Comments on linguistic superiority complexes sparked this blog entry in me b/c what is dogging our profession now is the heritage of both classical learning and philology encountering the linguistics inspired by the study of non-Western languages, esp. African and Native American languages.
It is difficult to imagine a scholar of antiquity, of Latinity, who does not believe that there is something special about Latin and Greek. That is just part of the tradition. Philologists focus on written language, the literary products of a language and therefore on the quality of writing.
Linguists, OTOH, devoted themselves to studying languages for practical reasons, to enter the communities they were studying. They had little sense that Hopi would prove superior to Yoruba in their literary production. What did happen, of course, is that early studies done by colonial administrators and missionaries often revealed a fondness for the people who spoke the language.
This is the same thing that happened with scholars of ancient languages: they imbued the object of study, the language, with the positive characteristics of the people speaking the languages. Who hasn’t admired for a moment the warriors of Beowulf or the gentle nature of the Pueblo peoples – all stereotypes but powerful nonetheless?
Meanwhile, philosophers and scientists were beginning to look at language and, in the latter part of the 19th and early part of the 20th centuries, focus on language as an abstract entity congealed into the science of linguistics. In that science, Chichewa and Wolof are the equal of Latin and Ancient Greek.
That runs counter to the earlier traditions of classicism and philology which elevated the written languages over the preliterate languages. How much a part was played by the fact that the languages of the preliterate were spoken by peoples under colonial rule of the countries the philologists were from is unknown to me, but I think it must have played some part. I do know that the written languages of India, the Far East, and the Middle East were held in higher esteem than those of the preliterate peoples.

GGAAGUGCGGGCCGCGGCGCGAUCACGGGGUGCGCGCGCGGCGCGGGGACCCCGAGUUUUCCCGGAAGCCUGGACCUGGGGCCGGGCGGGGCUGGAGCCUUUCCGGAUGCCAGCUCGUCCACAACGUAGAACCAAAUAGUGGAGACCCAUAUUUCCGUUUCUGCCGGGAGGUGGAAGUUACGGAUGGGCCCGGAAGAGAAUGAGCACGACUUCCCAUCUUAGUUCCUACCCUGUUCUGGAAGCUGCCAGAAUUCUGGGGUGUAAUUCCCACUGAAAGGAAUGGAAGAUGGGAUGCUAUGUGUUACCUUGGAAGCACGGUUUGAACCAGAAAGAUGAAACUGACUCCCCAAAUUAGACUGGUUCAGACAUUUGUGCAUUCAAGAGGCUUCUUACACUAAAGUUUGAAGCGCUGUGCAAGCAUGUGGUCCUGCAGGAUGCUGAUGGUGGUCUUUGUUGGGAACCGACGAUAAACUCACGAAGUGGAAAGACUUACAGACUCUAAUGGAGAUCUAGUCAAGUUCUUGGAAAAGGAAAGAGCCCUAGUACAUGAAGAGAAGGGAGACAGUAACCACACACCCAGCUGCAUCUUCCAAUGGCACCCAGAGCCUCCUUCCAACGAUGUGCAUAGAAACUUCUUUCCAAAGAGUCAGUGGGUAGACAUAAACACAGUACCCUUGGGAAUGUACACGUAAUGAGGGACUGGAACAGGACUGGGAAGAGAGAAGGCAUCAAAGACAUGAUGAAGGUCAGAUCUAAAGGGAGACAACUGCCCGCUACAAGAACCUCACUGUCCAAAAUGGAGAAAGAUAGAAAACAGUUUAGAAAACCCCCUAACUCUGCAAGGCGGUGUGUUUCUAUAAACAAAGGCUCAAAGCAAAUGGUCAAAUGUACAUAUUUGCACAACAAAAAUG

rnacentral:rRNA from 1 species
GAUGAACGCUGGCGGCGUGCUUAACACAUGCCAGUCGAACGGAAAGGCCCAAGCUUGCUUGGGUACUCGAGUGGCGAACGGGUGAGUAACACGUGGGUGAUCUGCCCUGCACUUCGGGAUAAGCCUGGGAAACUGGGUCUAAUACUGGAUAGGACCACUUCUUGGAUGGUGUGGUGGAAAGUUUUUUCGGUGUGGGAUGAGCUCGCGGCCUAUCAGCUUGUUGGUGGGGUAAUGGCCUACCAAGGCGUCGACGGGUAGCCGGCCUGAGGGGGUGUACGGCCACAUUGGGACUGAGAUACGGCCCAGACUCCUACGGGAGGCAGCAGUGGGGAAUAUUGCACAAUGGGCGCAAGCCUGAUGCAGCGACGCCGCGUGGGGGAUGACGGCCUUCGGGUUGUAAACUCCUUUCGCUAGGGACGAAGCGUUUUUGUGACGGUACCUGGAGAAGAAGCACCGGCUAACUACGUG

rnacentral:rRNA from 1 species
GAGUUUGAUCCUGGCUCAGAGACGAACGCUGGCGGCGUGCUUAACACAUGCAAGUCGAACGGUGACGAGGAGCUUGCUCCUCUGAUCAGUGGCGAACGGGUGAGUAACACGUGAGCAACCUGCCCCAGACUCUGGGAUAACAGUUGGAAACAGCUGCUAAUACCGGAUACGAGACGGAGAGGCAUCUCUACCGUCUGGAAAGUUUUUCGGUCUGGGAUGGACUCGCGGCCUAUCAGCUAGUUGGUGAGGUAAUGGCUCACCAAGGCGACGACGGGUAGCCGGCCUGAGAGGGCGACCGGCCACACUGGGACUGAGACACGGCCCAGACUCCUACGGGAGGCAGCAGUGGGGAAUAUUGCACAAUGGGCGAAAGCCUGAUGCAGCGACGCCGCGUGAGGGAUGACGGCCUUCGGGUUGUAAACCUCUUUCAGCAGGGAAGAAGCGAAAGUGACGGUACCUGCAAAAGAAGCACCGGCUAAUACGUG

So, coming down to our own times, what has the typical fl teacher inherited in terms of attitudes toward language (leaving aside the 800 lb gorilla of Prescriptivism in English)? Possibly a vague notion that a “dialect” is somehow inferior to the literary language of a country, that preliterate peoples speak only “dialects” (how often have you heard that someone speaks an “African dialect”, never a dialect of Malinke or a dialect of Bambara?). Most likely that languages outside of the literary circle do not have grammar or that their vocabulary is impoverished. One teacher of Spanish said that “those people in those little Mexican villages are liable to say anything” – i.e. no rules, entirely random, uncultivated, not ’culto’.
This is the negative side, resulting in attitudes we often hear even from our colleagues in fl depts. Keep in mind that traditions of classicism and philology also contribute greatly to our understanding of the dynamics of language, literature and civilization. Many of the anthropological linguists of the last century were immersed in the philological tradition: Edward Sapir, a founder of American linguistics, wrote reviews of literature. Nowadays, we don’t ask our linguists to be such; John McWhorter, with his passion for musical theater, is one exception, but linguists generally are not expected to be steeped in art and literature.
I insist that fl teachers be grounded in linguistics but many reject my call. You will still hear dumb things from them about language, echoing the comment of a history teacher at my old school who said the Apaches had to supplement their 300 word vocabulary with sign language. Sad